There are very few times where we can get more than 100%. Octane rating I know can exceed 100% but my room used 200W and now used 28W so uses 14% of original power requirement so saves 86% of the original power required.

OK I am not that good at maths I once imagined i was a number! But 1000% come on get real!

Although to buy 8 lamps was expensive if one fails it costs less than a £5er but buy lamps with a 15W output looking at over £30 a bulb and I for one would not take a chance at it lasting long enough to repay the outlay.

To my mind to move to separate light and heat (Only save energy if heat is not required) means some change in the way we light out homes. With me a changed from single bulb to five bulb light fitting but I know to have spread out the bulbs more would have been better.

It also means using a thermostat able to increase the heat in the evening to compensate for the loss of heat from the bulbs. I am lucky my ground floor is controlled by a single electric unit which I was able to change to one with 4 temperatures set per day. However my mothers house with TRV in every room is a problem to change them for WiFi controlled valves to compensate for lack of heat from the tungsten bulbs would be a major undertaking.

I strongly believe it's time to stop looking at energy saving methods in isolation we really need to look at how they affect each other. Use a gas cooker for example and one also needs to use a cooker hood to remove moisture and gases and then heat more air to replace that blown outside. Where with an induction hob there are no combustion gases including combustion moisture so only cooking smells need removing. So the hoods should come as suitable for gas or suitable for electric but instead they just come as suitable for building regulations.

Because government have become involved and made rules now only the government can sort it out but the mass of misguided information pumped out has resulted an a general disbelief in all the reports about the global pocket lining under the banner of reducing global warming.
 
I'm writing a lot about LED lighting at the moment so this article may help.
Yes good but looks as if your using same software as me to write page with no spell check. Also there are other errors for example ....
Indeed.
they are more than 1000% energy efficient than traditional light bulbs
There are very few times where we can get more than 100%. Octane rating I know can exceed 100% but my room used 200W and now used 28W so uses 14% of original power requirement so saves 86% of the original power required. OK I am not that good at maths I once imagined i was a number! But 1000% come on get real!
I think it's another case of poor wording, rather than bad maths. There's nothing intrinsically wrong with percentages greater than 100% when one is talking about comparisons. I presume that he was trying to talk about a comparison of 'energy efficiencies' ('light per watt'). If we assume that your old 200W and new 28W produced exactly the same amount of light, then your LEDs would have an 'energy efficiency' of about 714% (200/28 ) of that of your previous incandescents - or, if you prefer to put it this way "614% more" than the previous incandescents. Not quite 1000%, but not too far off. However, I agree that the wording in question is not clear enough.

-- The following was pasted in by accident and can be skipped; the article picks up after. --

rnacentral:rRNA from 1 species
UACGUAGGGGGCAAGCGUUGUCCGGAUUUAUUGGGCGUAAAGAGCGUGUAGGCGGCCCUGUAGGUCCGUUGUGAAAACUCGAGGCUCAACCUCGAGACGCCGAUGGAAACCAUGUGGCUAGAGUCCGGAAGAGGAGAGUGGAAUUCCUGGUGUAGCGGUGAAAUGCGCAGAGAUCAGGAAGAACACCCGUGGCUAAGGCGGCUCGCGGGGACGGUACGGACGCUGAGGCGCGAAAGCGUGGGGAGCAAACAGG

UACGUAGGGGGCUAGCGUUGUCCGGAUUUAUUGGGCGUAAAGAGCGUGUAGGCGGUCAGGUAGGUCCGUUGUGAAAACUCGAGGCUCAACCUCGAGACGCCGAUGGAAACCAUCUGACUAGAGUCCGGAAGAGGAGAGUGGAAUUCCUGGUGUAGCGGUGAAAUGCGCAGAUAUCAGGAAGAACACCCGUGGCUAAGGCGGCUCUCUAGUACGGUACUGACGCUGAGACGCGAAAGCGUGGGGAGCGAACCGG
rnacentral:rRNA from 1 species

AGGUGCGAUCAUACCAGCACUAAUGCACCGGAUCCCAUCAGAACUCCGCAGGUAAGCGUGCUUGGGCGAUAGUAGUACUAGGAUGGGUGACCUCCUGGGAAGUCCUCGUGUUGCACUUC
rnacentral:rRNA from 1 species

The confusion resulting from the 'feeling' that one "cannot have percentages more than 100%" can usually be alleviated by converting to a proportion or ratio. Whilst "1000% more energy efficient" may sound wrong to you, "10 times more energy efficient" perhaps doesn't?

Kind Regards, John
 
I did try to put in a little humour but forgot your engineers so should have written.

OK I am not that good at maths I once imagined "J" was a number! But 1000% come on get real!

Is that any better?
 
I did try to put in a little humour but forgot your engineers so should have written.
I'm no engineer :)
OK I am not that good at maths I once imagined "J" was a number! But 1000% come on get real! Is that any better?
Well, it does make the humour a little more obvious! (and,of course, you're right to 'imagine' that j/i is a number :) ). However, I have to say that I thought your comment was semi-serious, particularly since you mention octane ratings above 100%, so I'm sorry if I misunderstood your intent!

Kind Regards, John
 
Out of interest I looked up info on old 8W Philips bulbs and they were rated at 310 lm with 10 years life to 50% failure.

New bulbs 2 x 1.4W at 100 lm each and 8 x 3W at 250 lm each so lumen output dropped from 3100 to 2100 yet the room is very much brighter.

I did consider that the Philips bulbs may have go dimmer in time however since I removed bulbs when the dinning room was all changed to larger physical bulbs still 8W and the old bulbs were used as replacements for living room had they become lower in output when the bulbs were replaced one would have noticed the difference between bulbs.

So if neither the watts used or lumen given out will show how large or how many bulbs are required to light a room how should we select replacement bulbs?
 
But as the consumer to select shops by where they get their products or how they treat their workers is not really a valid way to shop.
Seems perfectly valid to me.

If I want to boycott certain producers, I shall, and if that means that Shop A doesn't have enough things I'm prepared to buy then I'll not be keen on going to Shop A.